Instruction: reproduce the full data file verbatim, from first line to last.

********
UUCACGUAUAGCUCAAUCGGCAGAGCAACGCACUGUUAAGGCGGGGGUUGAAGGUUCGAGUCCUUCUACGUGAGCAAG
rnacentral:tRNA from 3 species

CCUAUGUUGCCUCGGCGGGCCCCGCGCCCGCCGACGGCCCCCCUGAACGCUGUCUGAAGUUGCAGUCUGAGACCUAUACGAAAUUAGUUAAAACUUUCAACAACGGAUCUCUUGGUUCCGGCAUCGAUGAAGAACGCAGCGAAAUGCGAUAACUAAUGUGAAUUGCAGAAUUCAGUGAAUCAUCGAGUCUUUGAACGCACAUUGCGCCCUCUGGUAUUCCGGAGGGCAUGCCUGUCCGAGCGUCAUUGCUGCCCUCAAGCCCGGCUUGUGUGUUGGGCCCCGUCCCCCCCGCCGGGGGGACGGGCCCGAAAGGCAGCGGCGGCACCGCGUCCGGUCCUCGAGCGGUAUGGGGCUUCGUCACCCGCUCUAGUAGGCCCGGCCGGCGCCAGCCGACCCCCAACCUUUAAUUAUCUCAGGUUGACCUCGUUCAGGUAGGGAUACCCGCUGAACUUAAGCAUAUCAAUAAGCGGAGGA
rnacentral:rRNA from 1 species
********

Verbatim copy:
UUCACGUAUAGCUCAAUCGGCAGAGCAACGCACUGUUAAGGCGGGGGUUGAAGGUUCGAGUCCUUCUACGUGAGCAAG
rnacentral:tRNA from 3 species

CCUAUGUUGCCUCGGCGGGCCCCGCGCCCGCCGACGGCCCCCCUGAACGCUGUCUGAAGUUGCAGUCUGAGACCUAUACGAAAUUAGUUAAAACUUUCAACAACGGAUCUCUUGGUUCCGGCAUCGAUGAAGAACGCAGCGAAAUGCGAUAACUAAUGUGAAUUGCAGAAUUCAGUGAAUCAUCGAGUCUUUGAACGCACAUUGCGCCCUCUGGUAUUCCGGAGGGCAUGCCUGUCCGAGCGUCAUUGCUGCCCUCAAGCCCGGCUUGUGUGUUGGGCCCCGUCCCCCCCGCCGGGGGGACGGGCCCGAAAGGCAGCGGCGGCACCGCGUCCGGUCCUCGAGCGGUAUGGGGCUUCGUCACCCGCUCUAGUAGGCCCGGCCGGCGCCAGCCGACCCCCAACCUUUAAUUAUCUCAGGUUGACCUCGUUCAGGUAGGGAUACCCGCUGAACUUAAGCAUAUCAAUAAGCGGAGGA
rnacentral:rRNA from 1 species